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Reappraising the Intellectual Debate on Ageing in a Digital Environment

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Abstract

Ageing is expected to raise significant challenges to the European community in the coming decades. These challenges are connected not only with the problems related to the labor market employment, the provision of healthcare, and the welfare programming for older people, but also with the quality of their social life, and in particular, with their communication activities. In this regard, the article presents a brief overview of the population ageing tendencies and the deficits in the institutional attention towards age discrimination. It also presents the analysis of a survey, conducted by the authors of the article, among senior citizens (61 of age and older, N = 30), which aims to answer the basic research question: how the digital communication technologies impact some aspects in their everyday life, namely: healthcare, professional life and communication. Also, the article seeks to find whether the Bulgarian media perform their basic task to inform the publics for the activities related to the improvement of the life of the older people over 61 years of age.

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... Today these transformations are catalyzed by the intense development of the communication technologies. As positive as their impact might be on progress in all areas of life, it is no less true that they pose challenges for the social stratification of society in terms of age [1]. ...
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The COVID’19 pandemic has led to drastic changes in people’s lifestyle around the world, incl. those related to the natural way in which individuals interact and communicate. In order to examine some of the effects of virtual communication during the social isolation, an academic research team from the Faculty of Journalism and Mass Communication at The St. Kliment Ohridsky Sofia University of Bulgaria undertook a study in the declared two-month’s period (13.03.–13.05.2020) of the state of emergency in the country. The researchers conducted a three-folded study: on the sociological polls and the media coverage during the pandemics; on the impacts of virtual communication during the social isolation, using mixed methodology: quantitative and qualitative survey with three groups of respondents: media users, media professionals and media experts; and on the activities of the telecommunication industry. The results of the effects of virtual communication in social isolation were indicative.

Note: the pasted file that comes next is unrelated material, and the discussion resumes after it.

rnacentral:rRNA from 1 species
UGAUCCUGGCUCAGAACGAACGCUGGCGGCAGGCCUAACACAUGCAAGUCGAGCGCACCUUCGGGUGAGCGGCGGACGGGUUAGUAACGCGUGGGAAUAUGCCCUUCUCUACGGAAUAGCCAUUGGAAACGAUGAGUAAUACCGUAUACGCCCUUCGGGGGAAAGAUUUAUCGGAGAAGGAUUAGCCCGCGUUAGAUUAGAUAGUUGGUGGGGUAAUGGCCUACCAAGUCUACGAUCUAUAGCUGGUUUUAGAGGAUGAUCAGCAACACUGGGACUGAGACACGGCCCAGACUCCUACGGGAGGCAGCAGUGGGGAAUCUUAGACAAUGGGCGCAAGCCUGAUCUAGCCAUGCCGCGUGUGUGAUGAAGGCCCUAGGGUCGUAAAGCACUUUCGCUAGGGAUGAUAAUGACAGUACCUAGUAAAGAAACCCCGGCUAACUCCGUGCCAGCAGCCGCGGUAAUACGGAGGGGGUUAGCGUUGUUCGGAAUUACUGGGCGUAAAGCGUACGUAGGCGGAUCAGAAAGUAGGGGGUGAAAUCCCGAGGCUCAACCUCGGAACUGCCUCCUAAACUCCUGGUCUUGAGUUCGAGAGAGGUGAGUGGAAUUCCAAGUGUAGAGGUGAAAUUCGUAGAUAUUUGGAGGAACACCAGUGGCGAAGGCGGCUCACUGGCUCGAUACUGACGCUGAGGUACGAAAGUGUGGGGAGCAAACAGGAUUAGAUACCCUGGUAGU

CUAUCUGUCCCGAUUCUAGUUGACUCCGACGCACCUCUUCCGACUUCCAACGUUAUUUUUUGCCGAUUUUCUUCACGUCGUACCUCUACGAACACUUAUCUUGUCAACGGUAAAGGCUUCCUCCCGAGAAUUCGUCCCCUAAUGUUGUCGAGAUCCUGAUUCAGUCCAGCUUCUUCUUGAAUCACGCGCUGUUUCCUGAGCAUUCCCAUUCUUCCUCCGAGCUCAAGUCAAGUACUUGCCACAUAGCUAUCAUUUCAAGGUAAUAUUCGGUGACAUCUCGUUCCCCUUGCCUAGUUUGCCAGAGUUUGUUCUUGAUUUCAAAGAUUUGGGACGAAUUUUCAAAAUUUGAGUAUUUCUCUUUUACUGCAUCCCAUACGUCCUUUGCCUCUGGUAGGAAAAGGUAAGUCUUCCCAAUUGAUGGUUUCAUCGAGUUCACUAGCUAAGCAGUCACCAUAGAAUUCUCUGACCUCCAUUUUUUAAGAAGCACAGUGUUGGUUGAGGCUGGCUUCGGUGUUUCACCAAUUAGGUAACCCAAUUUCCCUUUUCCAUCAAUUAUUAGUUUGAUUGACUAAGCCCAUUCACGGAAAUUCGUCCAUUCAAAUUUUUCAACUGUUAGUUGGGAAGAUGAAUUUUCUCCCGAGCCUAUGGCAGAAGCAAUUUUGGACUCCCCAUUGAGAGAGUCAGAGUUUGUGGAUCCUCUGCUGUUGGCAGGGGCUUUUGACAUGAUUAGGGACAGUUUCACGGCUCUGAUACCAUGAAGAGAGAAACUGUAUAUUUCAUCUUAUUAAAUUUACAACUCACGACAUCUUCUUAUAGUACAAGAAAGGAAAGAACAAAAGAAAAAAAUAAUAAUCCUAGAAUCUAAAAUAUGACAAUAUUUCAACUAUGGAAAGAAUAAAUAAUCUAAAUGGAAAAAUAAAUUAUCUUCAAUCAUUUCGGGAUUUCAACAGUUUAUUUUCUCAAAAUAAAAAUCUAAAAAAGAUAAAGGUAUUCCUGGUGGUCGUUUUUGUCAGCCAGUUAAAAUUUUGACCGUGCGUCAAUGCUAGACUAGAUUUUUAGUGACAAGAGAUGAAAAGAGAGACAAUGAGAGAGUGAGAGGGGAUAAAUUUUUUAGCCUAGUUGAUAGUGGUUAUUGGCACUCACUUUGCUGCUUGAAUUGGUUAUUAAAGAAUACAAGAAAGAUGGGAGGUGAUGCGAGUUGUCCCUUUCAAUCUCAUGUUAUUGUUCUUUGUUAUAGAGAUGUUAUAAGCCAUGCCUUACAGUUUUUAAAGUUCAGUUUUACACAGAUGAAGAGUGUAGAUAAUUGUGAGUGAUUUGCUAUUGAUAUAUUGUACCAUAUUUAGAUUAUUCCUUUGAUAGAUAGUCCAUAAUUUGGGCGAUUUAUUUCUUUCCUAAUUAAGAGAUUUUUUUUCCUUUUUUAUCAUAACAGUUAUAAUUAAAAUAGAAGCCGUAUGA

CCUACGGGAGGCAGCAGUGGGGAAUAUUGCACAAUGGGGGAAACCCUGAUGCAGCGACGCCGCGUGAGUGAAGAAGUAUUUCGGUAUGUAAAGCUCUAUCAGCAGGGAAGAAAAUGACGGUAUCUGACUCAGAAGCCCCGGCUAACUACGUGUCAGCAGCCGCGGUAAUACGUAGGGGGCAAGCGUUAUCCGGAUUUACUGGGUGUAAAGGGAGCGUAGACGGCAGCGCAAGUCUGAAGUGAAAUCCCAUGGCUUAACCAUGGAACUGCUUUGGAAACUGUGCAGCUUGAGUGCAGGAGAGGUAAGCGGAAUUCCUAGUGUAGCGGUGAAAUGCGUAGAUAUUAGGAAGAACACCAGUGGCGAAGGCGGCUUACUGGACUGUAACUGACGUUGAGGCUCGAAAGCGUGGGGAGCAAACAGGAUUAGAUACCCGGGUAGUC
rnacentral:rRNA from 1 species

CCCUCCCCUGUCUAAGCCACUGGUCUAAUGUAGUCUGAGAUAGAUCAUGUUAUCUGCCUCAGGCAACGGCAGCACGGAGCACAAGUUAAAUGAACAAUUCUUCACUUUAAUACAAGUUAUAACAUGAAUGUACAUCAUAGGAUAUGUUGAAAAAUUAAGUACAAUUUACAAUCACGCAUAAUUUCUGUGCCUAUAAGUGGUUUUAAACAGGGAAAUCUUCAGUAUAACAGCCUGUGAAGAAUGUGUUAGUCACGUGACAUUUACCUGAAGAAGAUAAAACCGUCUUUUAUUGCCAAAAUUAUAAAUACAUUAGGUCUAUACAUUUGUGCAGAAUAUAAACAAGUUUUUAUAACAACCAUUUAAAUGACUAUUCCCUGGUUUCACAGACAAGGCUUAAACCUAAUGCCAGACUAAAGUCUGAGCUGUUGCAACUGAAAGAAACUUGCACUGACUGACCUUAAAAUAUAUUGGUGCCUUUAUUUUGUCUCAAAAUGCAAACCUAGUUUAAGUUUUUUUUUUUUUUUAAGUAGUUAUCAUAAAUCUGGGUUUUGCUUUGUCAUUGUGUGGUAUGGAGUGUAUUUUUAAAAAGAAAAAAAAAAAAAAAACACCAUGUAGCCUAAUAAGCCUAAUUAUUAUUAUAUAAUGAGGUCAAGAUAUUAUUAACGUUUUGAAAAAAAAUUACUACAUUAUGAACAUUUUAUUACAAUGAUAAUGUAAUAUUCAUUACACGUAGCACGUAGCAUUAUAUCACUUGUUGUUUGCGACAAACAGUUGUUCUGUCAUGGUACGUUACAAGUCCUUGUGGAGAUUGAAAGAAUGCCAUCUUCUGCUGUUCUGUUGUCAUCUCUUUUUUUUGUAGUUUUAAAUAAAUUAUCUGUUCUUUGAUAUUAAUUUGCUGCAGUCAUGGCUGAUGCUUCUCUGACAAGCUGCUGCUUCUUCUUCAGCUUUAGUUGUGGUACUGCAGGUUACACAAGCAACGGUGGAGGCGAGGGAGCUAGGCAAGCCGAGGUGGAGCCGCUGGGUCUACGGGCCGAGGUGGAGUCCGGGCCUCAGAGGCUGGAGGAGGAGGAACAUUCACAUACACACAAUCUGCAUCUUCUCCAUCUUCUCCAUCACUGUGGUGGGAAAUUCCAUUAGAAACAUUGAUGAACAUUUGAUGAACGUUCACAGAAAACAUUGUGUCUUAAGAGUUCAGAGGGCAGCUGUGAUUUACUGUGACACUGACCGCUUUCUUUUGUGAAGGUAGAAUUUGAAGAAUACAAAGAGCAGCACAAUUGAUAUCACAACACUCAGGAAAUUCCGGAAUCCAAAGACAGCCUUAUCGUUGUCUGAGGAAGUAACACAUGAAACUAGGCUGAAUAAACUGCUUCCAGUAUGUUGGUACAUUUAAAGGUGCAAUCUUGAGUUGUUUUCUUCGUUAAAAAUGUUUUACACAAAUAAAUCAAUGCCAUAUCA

... Today these transformations are catalyzed by the intense development of the communication technologies. As positive as their impact might be on progress in all areas of life, it is no less true that they pose challenges for the social stratification of society in terms of age [1]. ...
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Mobility and migration processes through transnational borders outline the new dimensions of the modern world. The countless possibilities to work and study abroad are among the main reasons for the younger generations in Bulgaria to leave their country and their family, relatives and friends. The newly formed virtual family form composed of a married or unmarried couple, a family with children (narrowly) and their ancestors (broadly) where single, several or all members of the family unit do not live in the same household faces immense challenges.
... Today these transformations are catalyzed by the intense development of the communication technologies. As positive as their impact might be on progress in all areas of life, it is no less true that they pose challenges for the social stratification of society in terms of age [1]. ...
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The proposed text discusses some major social changes taking place in the modern society and transforming the nuclear family model. Along with the various forms of family life including cohabitation relationships, living apart together families, reconstituted families, rainbow families, migrant families, this study defines “the virtual family” as a new family form. The aim is to outline the nature of communication and relationships between its members. Using a number of in-depth interviews (N = 50), the analysis of the responses displays that the communication from a distance is essential for the preservation and maintenance of the family relationships, structure and intimacy. The results also show that the interviewees use more mobile phone than Viber, Skype or Facebook, do not communicate with the same frequency, duration and quality with all their relatives, the quantity and the quality of communication correspond to the period of absence.
Chapter